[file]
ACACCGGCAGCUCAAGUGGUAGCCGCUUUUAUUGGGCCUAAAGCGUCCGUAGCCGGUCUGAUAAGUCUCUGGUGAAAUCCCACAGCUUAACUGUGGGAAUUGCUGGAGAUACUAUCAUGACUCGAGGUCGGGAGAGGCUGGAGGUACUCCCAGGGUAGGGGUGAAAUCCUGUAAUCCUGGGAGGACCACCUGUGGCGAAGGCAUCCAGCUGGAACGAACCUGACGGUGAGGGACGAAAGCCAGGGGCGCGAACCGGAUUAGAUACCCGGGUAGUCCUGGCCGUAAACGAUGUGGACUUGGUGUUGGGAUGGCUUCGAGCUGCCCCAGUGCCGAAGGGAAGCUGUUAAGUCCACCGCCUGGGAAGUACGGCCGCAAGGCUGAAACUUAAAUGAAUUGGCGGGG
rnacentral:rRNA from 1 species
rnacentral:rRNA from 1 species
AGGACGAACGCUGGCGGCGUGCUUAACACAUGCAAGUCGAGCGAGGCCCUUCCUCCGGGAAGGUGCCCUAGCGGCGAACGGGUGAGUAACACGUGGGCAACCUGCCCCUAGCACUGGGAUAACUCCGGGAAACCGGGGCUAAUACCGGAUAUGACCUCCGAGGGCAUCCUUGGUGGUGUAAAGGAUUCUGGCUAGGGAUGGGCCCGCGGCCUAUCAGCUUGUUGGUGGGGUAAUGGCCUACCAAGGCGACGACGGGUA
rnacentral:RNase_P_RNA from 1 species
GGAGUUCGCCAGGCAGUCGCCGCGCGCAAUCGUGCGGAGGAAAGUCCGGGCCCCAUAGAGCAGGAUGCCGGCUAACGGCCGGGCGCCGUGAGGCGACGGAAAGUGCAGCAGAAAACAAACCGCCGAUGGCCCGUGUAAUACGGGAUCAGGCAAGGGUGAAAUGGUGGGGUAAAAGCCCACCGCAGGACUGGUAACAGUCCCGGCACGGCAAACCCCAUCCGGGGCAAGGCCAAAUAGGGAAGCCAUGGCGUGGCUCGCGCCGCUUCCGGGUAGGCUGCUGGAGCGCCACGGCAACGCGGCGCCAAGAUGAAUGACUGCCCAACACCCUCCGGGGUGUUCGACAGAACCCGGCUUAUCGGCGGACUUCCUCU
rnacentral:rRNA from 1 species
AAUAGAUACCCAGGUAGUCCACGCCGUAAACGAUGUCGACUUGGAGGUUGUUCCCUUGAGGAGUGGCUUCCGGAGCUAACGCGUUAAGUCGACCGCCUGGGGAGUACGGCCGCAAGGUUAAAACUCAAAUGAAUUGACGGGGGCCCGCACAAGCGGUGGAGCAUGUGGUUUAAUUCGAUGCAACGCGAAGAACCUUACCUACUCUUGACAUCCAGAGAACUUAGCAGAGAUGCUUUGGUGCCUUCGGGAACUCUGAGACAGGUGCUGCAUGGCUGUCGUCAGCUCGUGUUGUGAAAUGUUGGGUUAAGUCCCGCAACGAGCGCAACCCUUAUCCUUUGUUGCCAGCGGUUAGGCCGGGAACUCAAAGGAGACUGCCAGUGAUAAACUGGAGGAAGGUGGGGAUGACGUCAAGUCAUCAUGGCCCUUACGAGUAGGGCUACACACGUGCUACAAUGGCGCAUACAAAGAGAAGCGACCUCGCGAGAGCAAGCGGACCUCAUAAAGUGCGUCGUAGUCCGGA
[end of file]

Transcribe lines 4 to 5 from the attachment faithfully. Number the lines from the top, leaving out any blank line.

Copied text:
AGGACGAACGCUGGCGGCGUGCUUAACACAUGCAAGUCGAGCGAGGCCCUUCCUCCGGGAAGGUGCCCUAGCGGCGAACGGGUGAGUAACACGUGGGCAACCUGCCCCUAGCACUGGGAUAACUCCGGGAAACCGGGGCUAAUACCGGAUAUGACCUCCGAGGGCAUCCUUGGUGGUGUAAAGGAUUCUGGCUAGGGAUGGGCCCGCGGCCUAUCAGCUUGUUGGUGGGGUAAUGGCCUACCAAGGCGACGACGGGUA
rnacentral:RNase_P_RNA from 1 species